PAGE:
Which means that salvaging efforts can work in other areas, too. In your marriage, in your relationship with your sister, in your church, in your relationship with God . . . if you’ve messed up, if you’ve squandered and neglected and wasted what was entrusted to you – there is still an opportunity to take what remains and make the best of it. The phronesis – the wisdom and prudence of God – is already at the desk making those calls.
Tuesday, September 6, 2016
The Rev. Dr. Leah D. Schade
The text begins with Jesus asking a question: “Which of you . . .?” Who would actually leave behind the ninety-nine
sheep to look for just one? Who would
expend so much effort for one coin? It’s
likely that not many would have raised their hands in Jesus’ original
audience. They’re just not valuable, so
the effort doesn’t seem worth it, some would say (including the Pharisees in
the crowd around Jesus).
The parables of the lost sheep and the lost coin in Luke 15:1-10 are well loved because of the message of hope implicit in each story. The picture of Jesus with the lamb on his shoulders, rescued from the jaws of death, is a favorite in religious artwork.And how beautiful for Jesus to lift up a common woman doing common housework in the context of a strongly patriarchal culture as an illustration of God’s kingdom.
|The Lost Drachma by James Tissot Overall-Brooklyn-Museum.|
But there are those who are indeed compelled to look for the lost. And there are others who are extremely grateful for those who do that kind of seeking. Just ask those pulled from the rubble in earthquakes, or on Sept. 11, 2001, in New York City and Washington, DC. Just ask the miners who were rescued in aChilean mine in 2010.
Or ask someone who knows what it’s like to be lost – losing one’s way in life, straying from the path and vulnerable to all manner of threats, or inadvertently left behind. It is a sick feeling in the pit of your stomach realizing that you are in a state of lost-ness – both for the lost one, and for those who are desperately seeking the one who has disappeared.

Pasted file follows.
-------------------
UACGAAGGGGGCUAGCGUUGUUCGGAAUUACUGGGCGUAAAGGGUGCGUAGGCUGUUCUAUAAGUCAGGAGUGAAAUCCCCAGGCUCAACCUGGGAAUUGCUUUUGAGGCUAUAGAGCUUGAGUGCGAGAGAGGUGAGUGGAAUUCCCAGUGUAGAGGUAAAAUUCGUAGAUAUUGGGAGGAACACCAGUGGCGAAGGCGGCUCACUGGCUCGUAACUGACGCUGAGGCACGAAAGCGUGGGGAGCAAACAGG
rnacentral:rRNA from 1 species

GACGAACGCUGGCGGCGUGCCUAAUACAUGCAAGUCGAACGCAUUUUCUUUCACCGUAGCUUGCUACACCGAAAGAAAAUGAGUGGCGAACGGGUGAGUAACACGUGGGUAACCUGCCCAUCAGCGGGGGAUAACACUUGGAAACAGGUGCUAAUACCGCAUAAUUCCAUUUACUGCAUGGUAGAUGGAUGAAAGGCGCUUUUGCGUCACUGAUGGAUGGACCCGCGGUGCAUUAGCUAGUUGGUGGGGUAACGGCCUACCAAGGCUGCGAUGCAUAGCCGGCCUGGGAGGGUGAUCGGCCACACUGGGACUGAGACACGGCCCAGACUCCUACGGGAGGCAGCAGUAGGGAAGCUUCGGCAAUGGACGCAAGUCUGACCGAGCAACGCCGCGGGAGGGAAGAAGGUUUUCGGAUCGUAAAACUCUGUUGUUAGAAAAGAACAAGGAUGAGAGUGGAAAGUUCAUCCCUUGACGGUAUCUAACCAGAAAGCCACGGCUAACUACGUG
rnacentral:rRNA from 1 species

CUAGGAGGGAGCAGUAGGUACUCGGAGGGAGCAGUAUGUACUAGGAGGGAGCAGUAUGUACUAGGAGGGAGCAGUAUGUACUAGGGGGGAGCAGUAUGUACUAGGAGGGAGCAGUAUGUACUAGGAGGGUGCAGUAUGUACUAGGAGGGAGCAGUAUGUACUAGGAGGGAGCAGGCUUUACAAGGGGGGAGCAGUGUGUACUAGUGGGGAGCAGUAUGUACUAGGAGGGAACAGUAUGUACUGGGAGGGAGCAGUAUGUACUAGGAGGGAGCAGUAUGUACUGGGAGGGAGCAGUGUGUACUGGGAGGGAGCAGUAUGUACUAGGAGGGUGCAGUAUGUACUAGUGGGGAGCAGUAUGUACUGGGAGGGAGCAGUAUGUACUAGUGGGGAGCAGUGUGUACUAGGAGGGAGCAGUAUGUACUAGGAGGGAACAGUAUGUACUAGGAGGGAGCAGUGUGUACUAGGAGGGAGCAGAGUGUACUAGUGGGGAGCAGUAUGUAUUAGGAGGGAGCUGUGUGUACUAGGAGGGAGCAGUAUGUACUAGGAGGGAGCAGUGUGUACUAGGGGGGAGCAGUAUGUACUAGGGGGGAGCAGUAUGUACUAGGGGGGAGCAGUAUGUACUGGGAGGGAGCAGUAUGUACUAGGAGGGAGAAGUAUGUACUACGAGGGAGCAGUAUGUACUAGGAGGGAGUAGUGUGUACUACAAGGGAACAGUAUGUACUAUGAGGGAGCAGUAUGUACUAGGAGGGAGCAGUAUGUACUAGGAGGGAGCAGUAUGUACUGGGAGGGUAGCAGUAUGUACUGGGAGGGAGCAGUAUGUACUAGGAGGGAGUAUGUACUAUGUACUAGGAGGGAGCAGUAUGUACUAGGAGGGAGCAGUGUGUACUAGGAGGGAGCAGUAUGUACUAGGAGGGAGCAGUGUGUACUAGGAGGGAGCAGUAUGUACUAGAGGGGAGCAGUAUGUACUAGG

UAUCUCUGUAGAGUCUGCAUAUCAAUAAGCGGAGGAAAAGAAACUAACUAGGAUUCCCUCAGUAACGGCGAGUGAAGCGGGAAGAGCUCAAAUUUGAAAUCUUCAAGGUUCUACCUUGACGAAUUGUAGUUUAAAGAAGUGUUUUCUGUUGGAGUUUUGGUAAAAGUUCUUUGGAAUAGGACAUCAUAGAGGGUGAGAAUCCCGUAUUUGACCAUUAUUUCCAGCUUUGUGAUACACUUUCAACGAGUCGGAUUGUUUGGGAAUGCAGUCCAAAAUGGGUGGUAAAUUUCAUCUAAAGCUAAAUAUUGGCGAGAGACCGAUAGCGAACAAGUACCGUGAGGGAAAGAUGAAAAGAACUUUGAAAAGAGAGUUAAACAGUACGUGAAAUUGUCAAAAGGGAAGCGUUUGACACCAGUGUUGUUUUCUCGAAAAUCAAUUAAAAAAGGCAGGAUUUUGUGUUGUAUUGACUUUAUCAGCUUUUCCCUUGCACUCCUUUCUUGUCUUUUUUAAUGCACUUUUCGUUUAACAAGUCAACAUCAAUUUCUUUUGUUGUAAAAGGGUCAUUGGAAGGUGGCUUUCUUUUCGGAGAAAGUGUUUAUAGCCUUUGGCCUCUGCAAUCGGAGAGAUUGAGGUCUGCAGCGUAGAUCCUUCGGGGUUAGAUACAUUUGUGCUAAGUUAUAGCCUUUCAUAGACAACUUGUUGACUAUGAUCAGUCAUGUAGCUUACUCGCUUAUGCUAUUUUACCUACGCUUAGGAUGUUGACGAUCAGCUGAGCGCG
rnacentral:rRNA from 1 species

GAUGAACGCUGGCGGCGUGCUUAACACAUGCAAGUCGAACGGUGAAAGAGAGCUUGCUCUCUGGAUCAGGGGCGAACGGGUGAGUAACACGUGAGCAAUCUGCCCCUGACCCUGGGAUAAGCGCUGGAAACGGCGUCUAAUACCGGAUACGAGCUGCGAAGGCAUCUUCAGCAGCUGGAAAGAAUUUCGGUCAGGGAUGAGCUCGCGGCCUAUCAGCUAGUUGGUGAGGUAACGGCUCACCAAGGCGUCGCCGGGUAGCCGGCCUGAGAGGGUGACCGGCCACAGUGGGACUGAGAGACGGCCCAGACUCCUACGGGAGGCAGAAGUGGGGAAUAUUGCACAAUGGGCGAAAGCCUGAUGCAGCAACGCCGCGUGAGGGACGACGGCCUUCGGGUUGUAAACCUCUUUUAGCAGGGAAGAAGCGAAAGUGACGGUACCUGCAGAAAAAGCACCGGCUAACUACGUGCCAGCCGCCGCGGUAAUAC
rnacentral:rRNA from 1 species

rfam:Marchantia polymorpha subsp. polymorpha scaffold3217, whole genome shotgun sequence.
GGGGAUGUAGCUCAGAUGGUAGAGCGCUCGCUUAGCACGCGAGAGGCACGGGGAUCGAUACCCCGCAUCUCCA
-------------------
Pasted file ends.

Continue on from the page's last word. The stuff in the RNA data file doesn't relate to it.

So the relief and joy that comes from being found, or finding the one who was lost, is cause for celebration. Books, movies and television shows are replete with this story line of the one who was lost finally being found. It is the famous line in the hymn “Amazing Grace” – I once was lost, but now am found. It is this kind of joy that we hope for when we take the time and effort to seek out the one who has slipped off the radar, the one who has gone astray, the one who has vanished from a relationship, or a family, or a congregation. The stories of their homecoming celebrated by loved ones injects us with renewed energy and hope.
But what about those for whom we have been seeking for a very long time, and still there is no trace? What about those on Sept. 11 whose lives were indeed lost and whose remains have never been recovered? What about the hundreds of thousands of refugees fleeing from violence who become lost along the way and are never found? What about the relationships that we have tried to recover, but for whatever reason, seem to be gone forever?
I once ministered to the family of a man who had disappeared without a trace. He simply kissed his grandchildren good-bye one afternoon, texted his wife not to look for him and that his leaving was not her fault, and was never heard from again. His picture was shared across the Internet and across counters at stores near where his cell phone was last pinged. The family searched everywhere they could think of to find him. The police and local media did all they could to find a clue about his whereabouts. Not even his vehicle could be found. They did not know if he had taken his own life, or had gone into hiding, or had been kidnapped. All they knew was that he was lost and could not be found.